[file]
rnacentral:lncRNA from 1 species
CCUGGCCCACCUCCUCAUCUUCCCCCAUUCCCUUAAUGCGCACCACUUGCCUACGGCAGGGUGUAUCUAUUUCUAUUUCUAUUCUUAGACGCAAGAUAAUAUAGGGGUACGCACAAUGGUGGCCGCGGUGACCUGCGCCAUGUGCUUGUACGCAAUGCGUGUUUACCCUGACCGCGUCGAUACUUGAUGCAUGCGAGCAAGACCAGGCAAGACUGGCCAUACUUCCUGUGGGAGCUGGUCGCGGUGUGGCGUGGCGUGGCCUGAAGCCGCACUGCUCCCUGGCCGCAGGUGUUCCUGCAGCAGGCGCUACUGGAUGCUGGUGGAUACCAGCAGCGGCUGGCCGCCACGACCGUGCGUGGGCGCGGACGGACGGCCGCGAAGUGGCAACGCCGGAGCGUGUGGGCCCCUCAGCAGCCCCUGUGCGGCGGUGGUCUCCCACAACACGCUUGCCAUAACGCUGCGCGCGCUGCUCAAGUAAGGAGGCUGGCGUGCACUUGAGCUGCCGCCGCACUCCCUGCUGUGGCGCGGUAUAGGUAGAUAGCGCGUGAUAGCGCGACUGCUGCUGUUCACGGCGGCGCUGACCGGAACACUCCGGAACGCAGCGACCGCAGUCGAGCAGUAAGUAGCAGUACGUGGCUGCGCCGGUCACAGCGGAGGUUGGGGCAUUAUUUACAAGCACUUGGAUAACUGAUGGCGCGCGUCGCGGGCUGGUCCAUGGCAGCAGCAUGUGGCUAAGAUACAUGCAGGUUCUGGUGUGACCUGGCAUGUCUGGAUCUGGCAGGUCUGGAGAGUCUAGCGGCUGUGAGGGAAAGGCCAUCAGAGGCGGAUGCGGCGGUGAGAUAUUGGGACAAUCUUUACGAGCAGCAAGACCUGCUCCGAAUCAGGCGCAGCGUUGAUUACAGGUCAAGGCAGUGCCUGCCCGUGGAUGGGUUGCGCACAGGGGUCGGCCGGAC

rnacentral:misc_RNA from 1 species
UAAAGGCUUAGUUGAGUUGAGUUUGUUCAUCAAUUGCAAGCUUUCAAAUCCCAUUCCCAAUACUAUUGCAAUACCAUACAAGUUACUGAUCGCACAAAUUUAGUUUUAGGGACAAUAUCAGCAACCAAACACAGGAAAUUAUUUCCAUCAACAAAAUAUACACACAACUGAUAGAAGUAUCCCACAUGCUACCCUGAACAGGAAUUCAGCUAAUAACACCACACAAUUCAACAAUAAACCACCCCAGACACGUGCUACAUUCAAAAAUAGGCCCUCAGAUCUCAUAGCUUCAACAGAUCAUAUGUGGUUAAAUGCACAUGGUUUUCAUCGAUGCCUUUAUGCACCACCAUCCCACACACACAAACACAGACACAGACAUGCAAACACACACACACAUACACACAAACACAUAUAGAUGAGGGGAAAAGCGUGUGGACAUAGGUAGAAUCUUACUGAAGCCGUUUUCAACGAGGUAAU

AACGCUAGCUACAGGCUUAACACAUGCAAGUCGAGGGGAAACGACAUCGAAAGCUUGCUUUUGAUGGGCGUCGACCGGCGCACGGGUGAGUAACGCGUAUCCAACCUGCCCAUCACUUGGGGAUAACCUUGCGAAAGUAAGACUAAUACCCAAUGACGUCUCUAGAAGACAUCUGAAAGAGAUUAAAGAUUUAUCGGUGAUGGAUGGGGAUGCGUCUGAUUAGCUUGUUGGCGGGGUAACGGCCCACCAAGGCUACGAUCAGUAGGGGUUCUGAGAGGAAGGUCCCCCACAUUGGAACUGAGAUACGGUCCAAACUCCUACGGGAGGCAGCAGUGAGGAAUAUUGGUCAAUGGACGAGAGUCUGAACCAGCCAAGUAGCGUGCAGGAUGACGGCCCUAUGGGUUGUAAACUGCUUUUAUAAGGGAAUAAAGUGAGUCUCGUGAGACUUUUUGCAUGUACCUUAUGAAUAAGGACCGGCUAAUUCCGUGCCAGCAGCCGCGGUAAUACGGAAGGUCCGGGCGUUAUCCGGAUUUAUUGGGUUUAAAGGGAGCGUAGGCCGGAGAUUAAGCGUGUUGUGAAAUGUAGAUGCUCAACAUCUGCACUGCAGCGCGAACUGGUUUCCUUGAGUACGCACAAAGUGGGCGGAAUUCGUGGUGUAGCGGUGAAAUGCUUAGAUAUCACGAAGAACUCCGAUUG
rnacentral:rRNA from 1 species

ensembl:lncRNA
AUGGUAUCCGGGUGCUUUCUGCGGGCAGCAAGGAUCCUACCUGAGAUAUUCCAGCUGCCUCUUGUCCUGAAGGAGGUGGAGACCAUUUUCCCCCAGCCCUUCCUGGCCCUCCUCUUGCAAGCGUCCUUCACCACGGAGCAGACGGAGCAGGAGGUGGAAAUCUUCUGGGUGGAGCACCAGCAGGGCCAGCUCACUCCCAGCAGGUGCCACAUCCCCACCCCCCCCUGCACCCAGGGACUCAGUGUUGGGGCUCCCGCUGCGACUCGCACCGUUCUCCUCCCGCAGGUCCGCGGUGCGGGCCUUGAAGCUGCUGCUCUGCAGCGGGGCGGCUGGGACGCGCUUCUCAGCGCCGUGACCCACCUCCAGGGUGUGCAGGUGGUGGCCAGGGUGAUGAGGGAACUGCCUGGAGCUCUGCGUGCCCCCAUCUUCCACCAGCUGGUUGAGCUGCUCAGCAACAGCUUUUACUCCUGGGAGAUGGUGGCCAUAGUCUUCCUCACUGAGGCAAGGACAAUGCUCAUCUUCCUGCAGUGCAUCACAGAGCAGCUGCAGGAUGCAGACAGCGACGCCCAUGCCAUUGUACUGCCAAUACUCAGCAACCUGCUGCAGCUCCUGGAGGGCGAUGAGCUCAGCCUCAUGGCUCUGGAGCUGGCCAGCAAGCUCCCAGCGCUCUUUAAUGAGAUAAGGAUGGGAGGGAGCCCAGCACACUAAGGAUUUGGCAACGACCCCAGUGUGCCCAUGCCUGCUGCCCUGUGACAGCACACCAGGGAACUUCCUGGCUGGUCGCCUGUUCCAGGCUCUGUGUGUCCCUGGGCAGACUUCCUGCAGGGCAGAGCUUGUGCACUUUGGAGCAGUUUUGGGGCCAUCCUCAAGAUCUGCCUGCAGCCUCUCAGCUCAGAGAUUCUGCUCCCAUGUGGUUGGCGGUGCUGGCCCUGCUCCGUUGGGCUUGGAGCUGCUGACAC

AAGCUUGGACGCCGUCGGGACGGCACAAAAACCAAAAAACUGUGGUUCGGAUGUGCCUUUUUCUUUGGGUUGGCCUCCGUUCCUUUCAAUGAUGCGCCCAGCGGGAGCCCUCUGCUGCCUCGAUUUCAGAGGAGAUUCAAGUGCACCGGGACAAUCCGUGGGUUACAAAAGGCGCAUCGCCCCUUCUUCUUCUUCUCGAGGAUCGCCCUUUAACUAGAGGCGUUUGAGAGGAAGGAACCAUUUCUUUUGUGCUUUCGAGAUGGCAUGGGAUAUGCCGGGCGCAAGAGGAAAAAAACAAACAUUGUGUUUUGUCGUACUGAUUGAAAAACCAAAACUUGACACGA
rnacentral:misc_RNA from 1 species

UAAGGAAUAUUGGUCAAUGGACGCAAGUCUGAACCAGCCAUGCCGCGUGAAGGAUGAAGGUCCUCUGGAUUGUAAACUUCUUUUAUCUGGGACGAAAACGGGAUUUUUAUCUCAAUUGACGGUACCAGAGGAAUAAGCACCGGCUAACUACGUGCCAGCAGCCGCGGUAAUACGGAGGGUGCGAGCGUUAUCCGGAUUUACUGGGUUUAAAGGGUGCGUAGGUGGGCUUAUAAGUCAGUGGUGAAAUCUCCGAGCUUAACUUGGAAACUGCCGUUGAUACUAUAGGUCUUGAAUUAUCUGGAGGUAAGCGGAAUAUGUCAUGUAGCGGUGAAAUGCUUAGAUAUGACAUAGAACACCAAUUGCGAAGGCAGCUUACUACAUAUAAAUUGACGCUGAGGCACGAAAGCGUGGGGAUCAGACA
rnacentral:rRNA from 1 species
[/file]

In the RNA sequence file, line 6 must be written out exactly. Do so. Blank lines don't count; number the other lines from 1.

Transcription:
rnacentral:rRNA from 1 species